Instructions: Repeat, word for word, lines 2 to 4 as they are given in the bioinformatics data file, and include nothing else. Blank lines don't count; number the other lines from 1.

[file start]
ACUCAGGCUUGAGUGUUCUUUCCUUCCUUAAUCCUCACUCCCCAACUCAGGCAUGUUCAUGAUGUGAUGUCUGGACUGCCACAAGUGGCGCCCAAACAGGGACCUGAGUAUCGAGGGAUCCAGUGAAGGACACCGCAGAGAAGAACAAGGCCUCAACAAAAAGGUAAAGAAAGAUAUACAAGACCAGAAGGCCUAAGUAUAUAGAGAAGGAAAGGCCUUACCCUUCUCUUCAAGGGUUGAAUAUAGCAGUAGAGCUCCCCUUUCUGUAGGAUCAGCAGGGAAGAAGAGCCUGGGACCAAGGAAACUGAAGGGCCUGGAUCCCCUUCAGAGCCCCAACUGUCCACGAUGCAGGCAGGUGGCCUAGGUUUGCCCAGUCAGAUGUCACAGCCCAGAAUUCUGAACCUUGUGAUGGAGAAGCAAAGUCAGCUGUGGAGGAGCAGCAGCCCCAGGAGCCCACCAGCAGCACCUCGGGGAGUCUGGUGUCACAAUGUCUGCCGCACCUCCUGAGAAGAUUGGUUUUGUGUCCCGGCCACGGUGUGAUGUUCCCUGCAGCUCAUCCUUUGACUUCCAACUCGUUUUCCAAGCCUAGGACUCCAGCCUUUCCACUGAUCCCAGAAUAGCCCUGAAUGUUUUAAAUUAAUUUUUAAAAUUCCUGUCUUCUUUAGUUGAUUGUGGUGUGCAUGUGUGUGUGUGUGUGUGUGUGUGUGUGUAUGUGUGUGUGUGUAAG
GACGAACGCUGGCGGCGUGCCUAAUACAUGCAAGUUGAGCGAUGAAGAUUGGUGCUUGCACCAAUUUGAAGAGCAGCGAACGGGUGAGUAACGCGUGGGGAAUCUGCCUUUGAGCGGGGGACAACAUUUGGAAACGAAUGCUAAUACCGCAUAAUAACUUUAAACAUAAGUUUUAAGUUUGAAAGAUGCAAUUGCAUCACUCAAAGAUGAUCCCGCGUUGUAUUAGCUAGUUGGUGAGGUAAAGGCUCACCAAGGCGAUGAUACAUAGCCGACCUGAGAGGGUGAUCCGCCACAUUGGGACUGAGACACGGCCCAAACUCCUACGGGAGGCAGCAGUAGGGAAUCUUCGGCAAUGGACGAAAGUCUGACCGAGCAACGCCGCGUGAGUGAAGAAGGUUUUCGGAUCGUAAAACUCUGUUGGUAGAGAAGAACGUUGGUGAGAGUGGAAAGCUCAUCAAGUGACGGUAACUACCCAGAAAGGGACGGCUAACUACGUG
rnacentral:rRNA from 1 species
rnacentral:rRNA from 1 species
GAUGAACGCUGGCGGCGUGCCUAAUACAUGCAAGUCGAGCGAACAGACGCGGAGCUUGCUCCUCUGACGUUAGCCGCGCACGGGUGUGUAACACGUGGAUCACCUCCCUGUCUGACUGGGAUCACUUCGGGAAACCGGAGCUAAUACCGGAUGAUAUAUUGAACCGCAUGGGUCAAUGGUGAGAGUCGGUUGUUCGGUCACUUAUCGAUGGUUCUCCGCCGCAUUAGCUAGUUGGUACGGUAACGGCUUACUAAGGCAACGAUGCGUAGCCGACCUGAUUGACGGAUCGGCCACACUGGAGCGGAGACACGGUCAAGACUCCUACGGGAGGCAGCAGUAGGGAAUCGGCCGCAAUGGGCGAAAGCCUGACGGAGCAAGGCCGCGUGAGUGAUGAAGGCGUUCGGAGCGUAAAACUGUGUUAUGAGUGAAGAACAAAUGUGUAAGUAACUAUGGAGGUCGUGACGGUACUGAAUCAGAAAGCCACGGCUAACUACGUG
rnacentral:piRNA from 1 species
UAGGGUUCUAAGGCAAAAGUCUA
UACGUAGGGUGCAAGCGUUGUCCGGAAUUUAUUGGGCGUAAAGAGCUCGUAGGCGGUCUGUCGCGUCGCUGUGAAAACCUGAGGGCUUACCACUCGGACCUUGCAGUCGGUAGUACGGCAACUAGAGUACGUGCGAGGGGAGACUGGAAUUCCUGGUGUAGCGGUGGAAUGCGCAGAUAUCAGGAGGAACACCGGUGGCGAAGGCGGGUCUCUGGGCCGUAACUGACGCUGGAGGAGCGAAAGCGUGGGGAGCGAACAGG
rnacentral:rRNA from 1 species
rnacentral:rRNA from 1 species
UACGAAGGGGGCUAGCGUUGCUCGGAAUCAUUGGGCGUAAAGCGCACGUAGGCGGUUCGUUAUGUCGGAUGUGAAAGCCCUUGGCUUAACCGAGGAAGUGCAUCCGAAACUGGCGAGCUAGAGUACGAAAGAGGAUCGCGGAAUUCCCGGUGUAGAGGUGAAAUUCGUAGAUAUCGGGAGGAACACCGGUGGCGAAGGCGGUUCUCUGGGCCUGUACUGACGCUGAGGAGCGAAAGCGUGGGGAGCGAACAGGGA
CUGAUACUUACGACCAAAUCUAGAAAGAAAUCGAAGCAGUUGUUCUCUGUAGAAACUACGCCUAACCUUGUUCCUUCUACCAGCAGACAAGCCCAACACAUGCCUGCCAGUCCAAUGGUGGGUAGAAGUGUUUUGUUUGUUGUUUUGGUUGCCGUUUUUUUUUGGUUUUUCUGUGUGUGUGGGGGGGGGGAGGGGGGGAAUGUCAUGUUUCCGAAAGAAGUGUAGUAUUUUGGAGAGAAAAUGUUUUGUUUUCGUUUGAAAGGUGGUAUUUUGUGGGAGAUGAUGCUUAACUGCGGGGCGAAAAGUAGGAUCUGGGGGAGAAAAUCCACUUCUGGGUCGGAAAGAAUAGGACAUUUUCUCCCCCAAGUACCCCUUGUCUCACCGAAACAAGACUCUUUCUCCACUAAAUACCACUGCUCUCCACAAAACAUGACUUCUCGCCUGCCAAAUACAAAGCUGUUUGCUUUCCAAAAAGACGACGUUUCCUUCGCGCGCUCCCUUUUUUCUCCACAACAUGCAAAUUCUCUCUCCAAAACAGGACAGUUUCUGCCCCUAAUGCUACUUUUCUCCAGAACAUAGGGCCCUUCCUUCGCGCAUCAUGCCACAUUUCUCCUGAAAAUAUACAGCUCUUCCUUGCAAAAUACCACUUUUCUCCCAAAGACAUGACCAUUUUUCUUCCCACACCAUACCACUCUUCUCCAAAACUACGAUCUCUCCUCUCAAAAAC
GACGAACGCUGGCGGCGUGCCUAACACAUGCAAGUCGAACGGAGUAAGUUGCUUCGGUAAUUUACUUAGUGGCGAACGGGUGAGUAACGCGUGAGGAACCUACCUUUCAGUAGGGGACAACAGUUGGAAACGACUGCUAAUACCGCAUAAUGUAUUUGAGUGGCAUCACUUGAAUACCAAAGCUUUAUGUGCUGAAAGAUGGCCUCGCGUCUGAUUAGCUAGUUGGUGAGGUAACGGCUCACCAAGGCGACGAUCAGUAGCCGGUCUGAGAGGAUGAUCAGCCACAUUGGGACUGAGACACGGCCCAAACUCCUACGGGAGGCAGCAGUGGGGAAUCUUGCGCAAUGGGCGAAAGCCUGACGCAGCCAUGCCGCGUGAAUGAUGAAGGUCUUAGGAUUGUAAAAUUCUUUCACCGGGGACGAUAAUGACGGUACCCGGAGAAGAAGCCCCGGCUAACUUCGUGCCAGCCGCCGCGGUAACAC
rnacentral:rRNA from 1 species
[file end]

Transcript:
GACGAACGCUGGCGGCGUGCCUAAUACAUGCAAGUUGAGCGAUGAAGAUUGGUGCUUGCACCAAUUUGAAGAGCAGCGAACGGGUGAGUAACGCGUGGGGAAUCUGCCUUUGAGCGGGGGACAACAUUUGGAAACGAAUGCUAAUACCGCAUAAUAACUUUAAACAUAAGUUUUAAGUUUGAAAGAUGCAAUUGCAUCACUCAAAGAUGAUCCCGCGUUGUAUUAGCUAGUUGGUGAGGUAAAGGCUCACCAAGGCGAUGAUACAUAGCCGACCUGAGAGGGUGAUCCGCCACAUUGGGACUGAGACACGGCCCAAACUCCUACGGGAGGCAGCAGUAGGGAAUCUUCGGCAAUGGACGAAAGUCUGACCGAGCAACGCCGCGUGAGUGAAGAAGGUUUUCGGAUCGUAAAACUCUGUUGGUAGAGAAGAACGUUGGUGAGAGUGGAAAGCUCAUCAAGUGACGGUAACUACCCAGAAAGGGACGGCUAACUACGUG
rnacentral:rRNA from 1 species
rnacentral:rRNA from 1 species